"Thy will be done."
Shortly before Benedict XVI resigned as Pope of the Holy Catholic Church he addressed the priests of Rome -- his priests, since he was the Bishop of Rome. To everyone's surprise he gave an impromptu talk on Vatican II.
I have come to think of this as a final and public confession of Benedict as Pope. And who better to confess to than a room full of priests.
Vatican Council II has hung like a cloud over his papacy and even over his whole life as a priest. His priestly life seems to begin and end with the Council. And his time in the Chair of Peter is bookmarked by speeches regarding the Council.
In this speech he confesses that the Council produced some very bad fruit, but he draws a distinction between two councils. The good council and the bad council; or the true council and the false council.
This allows him to continue to praise the council while criticizing its bad fruit. But historically and in reality there was only one council. So this is a problem.
Ratzinger was part of the Rhine Alliance which according to my current understanding dominated the council. And in fact that is what the Pope tells his priests in his address. And the first and foremost objective of the Rhine Alliance was to "reform" the liturgy. In other words to institute the Novus Ordo Mass.
How interesting then that as Pope he became so closely associated with reviving the Traditional Latin Mass.
The problem with reform is that it is like opening Pandora's box. How can you stop the reform once it begins? Is it possible to institute a reform and then exactly control the extent and nature of that reform?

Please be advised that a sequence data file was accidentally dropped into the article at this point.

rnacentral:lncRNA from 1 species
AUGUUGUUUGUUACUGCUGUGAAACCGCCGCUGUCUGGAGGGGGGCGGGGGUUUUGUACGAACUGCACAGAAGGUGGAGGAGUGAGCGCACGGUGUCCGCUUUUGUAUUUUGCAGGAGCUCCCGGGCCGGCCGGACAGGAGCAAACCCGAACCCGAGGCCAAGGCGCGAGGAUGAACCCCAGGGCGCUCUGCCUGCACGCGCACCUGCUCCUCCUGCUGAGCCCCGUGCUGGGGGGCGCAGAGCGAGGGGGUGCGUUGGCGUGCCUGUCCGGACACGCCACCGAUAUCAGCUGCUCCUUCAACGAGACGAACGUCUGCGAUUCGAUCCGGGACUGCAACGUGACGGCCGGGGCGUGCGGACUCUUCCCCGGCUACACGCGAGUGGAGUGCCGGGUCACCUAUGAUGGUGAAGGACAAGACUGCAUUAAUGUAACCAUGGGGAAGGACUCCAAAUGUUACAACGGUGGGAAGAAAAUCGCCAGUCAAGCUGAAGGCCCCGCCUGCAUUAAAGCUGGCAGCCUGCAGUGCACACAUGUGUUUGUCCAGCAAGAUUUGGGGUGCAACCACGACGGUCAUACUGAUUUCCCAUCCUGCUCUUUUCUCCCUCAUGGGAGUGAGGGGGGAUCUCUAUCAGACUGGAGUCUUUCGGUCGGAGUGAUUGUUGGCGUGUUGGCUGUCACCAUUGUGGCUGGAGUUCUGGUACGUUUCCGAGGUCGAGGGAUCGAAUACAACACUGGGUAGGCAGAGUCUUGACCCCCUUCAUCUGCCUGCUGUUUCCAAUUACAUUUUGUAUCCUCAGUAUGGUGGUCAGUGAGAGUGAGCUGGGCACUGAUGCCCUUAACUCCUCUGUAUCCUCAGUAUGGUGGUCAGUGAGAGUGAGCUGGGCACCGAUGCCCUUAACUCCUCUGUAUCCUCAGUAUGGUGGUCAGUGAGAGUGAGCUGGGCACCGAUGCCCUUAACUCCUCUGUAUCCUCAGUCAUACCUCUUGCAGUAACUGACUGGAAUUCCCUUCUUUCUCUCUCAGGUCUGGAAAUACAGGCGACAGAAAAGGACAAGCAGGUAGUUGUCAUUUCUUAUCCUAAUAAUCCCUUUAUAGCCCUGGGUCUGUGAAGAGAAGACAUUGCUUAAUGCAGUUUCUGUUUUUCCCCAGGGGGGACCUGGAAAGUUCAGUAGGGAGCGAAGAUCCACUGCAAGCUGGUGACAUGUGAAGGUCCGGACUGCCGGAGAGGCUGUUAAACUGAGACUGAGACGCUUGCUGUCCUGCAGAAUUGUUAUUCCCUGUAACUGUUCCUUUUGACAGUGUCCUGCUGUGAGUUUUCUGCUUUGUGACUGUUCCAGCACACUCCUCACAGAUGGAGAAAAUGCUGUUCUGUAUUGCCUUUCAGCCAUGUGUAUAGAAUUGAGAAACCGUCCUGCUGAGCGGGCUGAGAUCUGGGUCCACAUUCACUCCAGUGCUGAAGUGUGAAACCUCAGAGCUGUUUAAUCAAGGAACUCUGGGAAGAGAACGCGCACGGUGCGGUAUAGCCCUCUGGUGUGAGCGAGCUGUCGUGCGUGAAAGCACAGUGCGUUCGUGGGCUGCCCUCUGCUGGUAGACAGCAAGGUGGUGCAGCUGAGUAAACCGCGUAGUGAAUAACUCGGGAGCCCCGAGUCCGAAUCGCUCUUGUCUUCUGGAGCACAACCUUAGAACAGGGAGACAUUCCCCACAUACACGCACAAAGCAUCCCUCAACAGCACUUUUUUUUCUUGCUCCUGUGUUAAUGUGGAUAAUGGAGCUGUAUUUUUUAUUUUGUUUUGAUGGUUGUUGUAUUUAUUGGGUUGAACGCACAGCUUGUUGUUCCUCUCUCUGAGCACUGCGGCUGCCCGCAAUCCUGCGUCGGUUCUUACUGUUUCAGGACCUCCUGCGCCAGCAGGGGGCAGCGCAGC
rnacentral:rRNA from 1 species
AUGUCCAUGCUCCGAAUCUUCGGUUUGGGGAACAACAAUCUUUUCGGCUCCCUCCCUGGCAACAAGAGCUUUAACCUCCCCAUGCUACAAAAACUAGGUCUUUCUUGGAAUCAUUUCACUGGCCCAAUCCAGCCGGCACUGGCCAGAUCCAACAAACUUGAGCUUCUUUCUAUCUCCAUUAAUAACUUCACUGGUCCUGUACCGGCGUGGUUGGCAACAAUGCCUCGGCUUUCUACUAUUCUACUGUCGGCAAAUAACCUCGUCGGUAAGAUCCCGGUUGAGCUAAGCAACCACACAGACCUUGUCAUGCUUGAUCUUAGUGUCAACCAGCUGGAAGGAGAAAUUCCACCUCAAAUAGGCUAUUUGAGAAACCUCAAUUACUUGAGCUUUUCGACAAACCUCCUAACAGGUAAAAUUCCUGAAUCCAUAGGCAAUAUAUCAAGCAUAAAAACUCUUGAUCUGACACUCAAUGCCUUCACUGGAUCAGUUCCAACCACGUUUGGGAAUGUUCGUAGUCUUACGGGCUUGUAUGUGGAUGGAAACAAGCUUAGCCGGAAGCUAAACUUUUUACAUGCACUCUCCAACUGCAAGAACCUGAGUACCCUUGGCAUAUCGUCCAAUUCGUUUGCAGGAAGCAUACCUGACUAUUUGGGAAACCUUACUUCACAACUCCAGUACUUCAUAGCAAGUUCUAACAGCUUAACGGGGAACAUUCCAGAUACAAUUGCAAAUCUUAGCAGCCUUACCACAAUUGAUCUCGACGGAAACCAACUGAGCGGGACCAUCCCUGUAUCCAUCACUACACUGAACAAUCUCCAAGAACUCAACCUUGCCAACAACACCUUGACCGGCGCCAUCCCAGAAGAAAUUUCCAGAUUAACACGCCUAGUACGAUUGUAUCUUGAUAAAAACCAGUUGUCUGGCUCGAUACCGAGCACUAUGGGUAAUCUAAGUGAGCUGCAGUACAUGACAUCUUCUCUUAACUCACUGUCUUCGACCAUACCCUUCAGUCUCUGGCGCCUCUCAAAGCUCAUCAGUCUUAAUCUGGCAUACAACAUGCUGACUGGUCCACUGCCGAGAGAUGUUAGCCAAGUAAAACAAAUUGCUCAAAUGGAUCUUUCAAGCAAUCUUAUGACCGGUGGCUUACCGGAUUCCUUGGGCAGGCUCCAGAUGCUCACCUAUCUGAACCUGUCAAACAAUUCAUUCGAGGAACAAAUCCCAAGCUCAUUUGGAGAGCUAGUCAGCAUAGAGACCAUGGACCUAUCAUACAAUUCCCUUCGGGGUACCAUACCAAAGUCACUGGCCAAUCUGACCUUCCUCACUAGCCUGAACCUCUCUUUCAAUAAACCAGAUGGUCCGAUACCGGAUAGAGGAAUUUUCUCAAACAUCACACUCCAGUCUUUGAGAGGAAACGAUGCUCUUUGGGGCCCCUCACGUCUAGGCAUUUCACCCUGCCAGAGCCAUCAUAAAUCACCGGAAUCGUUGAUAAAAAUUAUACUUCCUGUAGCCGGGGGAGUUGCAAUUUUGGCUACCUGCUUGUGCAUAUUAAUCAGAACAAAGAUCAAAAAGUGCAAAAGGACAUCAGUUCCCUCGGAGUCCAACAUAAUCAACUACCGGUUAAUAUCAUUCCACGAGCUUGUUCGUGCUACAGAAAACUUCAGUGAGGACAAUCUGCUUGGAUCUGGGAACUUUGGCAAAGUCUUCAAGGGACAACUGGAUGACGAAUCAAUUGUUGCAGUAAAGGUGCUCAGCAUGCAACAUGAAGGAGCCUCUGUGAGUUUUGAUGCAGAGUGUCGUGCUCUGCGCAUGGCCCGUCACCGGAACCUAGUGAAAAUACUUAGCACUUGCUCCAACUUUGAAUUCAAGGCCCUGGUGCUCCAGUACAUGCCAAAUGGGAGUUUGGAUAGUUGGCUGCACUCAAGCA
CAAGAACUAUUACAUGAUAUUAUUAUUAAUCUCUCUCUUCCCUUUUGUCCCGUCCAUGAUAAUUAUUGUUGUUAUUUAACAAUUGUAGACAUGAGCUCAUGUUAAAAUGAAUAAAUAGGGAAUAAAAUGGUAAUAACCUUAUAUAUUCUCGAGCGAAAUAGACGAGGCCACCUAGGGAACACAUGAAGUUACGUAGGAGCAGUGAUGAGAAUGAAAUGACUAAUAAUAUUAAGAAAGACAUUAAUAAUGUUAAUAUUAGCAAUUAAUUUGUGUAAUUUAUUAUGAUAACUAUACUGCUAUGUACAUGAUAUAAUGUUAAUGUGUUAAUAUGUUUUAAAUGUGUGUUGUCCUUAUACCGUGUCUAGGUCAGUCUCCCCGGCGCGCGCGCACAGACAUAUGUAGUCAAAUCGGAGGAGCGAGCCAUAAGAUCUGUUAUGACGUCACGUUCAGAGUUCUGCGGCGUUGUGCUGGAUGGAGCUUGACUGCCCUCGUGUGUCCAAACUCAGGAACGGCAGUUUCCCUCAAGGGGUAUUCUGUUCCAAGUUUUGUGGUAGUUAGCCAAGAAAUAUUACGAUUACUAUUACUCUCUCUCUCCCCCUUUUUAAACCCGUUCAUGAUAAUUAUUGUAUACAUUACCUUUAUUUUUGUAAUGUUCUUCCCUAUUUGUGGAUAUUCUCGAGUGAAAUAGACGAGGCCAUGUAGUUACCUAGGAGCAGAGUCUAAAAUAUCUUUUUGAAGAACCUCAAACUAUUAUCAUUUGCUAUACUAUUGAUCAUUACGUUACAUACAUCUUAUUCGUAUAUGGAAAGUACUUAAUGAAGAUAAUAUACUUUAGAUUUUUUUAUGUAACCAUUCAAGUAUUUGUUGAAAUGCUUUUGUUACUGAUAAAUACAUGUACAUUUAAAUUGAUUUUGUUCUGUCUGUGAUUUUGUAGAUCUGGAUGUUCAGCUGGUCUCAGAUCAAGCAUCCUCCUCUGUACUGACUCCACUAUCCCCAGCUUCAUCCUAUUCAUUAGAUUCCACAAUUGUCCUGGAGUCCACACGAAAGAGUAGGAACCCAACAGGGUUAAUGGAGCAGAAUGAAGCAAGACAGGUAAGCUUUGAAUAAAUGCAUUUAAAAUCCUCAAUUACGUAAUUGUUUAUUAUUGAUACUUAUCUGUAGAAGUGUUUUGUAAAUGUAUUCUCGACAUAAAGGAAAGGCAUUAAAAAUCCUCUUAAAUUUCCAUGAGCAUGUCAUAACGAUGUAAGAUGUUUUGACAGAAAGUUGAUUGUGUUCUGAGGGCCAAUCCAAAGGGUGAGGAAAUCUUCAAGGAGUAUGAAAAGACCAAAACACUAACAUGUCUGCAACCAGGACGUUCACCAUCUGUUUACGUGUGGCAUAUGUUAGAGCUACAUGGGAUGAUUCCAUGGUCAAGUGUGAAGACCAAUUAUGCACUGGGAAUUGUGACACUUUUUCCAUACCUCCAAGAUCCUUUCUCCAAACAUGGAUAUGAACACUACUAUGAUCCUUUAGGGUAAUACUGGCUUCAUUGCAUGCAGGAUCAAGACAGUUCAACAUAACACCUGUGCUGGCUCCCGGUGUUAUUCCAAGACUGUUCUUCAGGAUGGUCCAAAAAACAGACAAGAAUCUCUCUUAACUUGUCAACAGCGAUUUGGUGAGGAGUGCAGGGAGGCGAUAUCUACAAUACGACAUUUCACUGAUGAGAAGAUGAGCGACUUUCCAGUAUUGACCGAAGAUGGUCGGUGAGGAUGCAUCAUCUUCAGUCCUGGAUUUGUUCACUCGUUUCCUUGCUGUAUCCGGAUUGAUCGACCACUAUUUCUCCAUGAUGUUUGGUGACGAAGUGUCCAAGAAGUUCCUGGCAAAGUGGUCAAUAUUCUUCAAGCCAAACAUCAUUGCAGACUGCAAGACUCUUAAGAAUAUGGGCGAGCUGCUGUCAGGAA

I made a similar criticism of the sexual liberation movement of the 60s. Perhaps there was a moment of perfect equilibrium between sexual freedom and traditional morality regarding sexuality. But once the sexual revolution had begun it did not stop at that point of equilibrium, but continued in a radical direction.
I'm convinced that this is no accident. There are huge societal forces that must be manipulated in order to create such changes. Remember that people and societies are naturally resistant to change. And so in order to continue to change society requires a constant force that will overcome this natural inertia and friction.
And these same societal forces worked to push the reforms of the Catholic Church's liturgy further and further from those that Ratzinger had imagined at the time of the opening of the 2nd Vatican Council.
So perhaps his speech was a warning to his young priests to be wary of change.
Our last two popes both participated actively in the council and tried to steer the interpretation of the council afterwards. What will be the relationship of the next pope to the council?
This will be one of the key questions that the next pope will need to answer early on in his papacy. And he will need to continually re-address this issue throughout his papacy, just as Benedict had to.